Recent newspaper headlines have focused on the recent rise in racist abuse and harassment directed at Chinese and South East Asian communities. Police have recorded a sharp increase in hate crimes against Chinese people during the coronavirus outbreak, newly published figures show.
The number of offences reported in the first three months of 2020 has almost tripled compared to the same period for 2018 and 2019.
Between January and March, when the Covid-19 pandemic was intensifying within the UK, at least 267 reports of hate crime were made across the UK.
The harassment ranges from abuse on public transport and Chinese owned take-away businesses, racist graffiti on shop windows, abuse and racist stereotypes online as well as physical violence on the streets or around international student hostels.
Responding to the publication of the figures Deputy Chief Constable Mark Hamilton, the national policing lead for hate crime, made it clear "no one is responsible for the outbreak and everyone has a right to be protected from targeted abuse".
Stop Hate UK
operate a 24 hour helpline where hate crime can be reported. They have issued a statement making it clear that viruses and infections don’t discriminate; the coronavirus outbreak is not about ethnicity, and such associations are totally unacceptable.
What the statistics don’t tell us is what it feels like to be the victim of racist abuse. Those who experience hate crime say it has a devastating effect on their lives making them feel anxious, frightened, depressed and angry.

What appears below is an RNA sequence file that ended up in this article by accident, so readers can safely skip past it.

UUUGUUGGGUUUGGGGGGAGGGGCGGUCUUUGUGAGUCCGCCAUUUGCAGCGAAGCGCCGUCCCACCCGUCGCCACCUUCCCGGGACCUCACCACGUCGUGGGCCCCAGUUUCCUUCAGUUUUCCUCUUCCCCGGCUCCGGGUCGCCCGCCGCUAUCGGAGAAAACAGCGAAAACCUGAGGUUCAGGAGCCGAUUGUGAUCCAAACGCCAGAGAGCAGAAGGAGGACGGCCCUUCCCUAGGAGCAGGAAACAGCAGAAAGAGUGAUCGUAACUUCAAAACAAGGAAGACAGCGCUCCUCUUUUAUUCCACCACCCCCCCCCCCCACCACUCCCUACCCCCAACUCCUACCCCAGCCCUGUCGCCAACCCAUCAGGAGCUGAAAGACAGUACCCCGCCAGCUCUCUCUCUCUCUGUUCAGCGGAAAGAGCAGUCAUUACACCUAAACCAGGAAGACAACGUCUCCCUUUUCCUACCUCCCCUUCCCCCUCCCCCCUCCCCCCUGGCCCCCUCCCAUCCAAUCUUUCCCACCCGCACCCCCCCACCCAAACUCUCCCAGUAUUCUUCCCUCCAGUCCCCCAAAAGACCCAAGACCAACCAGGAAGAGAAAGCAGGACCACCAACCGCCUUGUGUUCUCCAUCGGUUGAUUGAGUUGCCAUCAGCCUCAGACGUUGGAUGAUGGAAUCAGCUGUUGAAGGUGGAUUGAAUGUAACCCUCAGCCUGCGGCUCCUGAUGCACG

The ‘Monitoring Group
’ a leading anti-racist charity that monitors racist abuse, harassment and violence and supports those that have experienced it have shared the following experiences that help to illustrate the long lasting and serious harm racism causes:
A young student from Singapore was spat at on the underground by a member of the public. She stated nobody came to her assistance although she was shouting for help. Now she is terrified to go out wearing a mask (which is for her protection) because this will make her more of a target for further attacks. So, to ‘protect’ herself she will not go outside without her flat mate.
In another call to their helpline a woman cried as she talked about her experience of being racially abused when she was outside (taking regular permitted exercise) during the lockdown. She has quite severe mental health problems and since the incident has chosen not to go out as she is so scared of a repeat. A man swore at her, blocked her path and called her a ‘monkey’. This is impacting on her mental health. The daily exercise helped with her health symptoms and now she feels this option is not available to her for fear of attack.
Usdaw activists have a long history of standing in solidarity with workers who experience racism and standing together against hate, making our streets, communities and workplaces safer places for everyone.
Visit Usdaw’s Together Against Hate
campaign page to find out more about what hate crime is, how to report it and to download campaign leaflets and a poster that you can display in your workplace.